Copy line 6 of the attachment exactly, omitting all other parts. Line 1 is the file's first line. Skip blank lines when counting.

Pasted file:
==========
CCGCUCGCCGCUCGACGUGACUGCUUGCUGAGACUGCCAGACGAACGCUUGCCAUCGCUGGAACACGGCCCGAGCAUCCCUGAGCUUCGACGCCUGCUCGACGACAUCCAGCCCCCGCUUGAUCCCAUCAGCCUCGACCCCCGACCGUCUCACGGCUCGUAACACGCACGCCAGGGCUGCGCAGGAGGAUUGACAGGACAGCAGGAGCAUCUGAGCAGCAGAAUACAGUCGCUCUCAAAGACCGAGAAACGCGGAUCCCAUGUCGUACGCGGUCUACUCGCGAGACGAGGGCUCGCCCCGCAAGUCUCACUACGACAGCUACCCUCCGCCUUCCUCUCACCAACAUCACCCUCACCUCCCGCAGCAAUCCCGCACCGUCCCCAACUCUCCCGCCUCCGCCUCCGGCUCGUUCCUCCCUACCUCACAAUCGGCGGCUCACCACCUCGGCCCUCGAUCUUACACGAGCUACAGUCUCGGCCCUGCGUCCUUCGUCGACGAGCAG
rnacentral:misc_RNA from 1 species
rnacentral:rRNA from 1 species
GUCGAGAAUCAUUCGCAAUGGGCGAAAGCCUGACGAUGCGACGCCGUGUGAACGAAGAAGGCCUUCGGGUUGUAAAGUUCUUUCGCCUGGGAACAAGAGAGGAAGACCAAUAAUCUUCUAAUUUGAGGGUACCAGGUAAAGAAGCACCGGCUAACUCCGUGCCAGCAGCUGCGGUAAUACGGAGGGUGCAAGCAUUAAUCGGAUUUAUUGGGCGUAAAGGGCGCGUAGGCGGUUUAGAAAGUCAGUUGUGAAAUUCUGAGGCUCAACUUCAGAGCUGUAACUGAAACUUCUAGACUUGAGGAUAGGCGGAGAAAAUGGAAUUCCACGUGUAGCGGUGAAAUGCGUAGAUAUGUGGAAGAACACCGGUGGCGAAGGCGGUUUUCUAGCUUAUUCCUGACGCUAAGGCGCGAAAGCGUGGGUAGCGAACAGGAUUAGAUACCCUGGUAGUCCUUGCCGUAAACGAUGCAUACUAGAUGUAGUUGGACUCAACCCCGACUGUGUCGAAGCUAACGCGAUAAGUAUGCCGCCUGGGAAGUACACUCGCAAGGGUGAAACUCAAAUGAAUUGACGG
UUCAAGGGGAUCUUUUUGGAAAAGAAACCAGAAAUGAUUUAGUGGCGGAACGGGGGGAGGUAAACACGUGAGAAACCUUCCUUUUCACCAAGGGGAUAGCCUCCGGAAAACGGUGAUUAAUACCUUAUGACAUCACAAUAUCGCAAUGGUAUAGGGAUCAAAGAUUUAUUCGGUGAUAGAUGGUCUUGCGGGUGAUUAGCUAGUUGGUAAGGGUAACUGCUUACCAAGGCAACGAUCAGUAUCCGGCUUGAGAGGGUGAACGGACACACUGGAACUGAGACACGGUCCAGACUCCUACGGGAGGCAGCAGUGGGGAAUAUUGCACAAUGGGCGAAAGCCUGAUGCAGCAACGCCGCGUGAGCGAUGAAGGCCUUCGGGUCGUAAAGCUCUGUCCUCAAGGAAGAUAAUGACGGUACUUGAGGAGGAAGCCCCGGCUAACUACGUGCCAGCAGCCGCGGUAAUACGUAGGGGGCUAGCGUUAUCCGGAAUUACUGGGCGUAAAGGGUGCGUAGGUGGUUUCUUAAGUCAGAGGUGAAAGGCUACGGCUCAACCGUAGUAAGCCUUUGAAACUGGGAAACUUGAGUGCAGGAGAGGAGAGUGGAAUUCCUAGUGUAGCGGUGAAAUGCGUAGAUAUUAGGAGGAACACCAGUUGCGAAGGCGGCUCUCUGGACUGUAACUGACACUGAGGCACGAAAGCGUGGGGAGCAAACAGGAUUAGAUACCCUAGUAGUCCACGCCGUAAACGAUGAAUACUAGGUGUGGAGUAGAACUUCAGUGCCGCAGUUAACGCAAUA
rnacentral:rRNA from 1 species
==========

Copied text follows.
rnacentral:rRNA from 1 species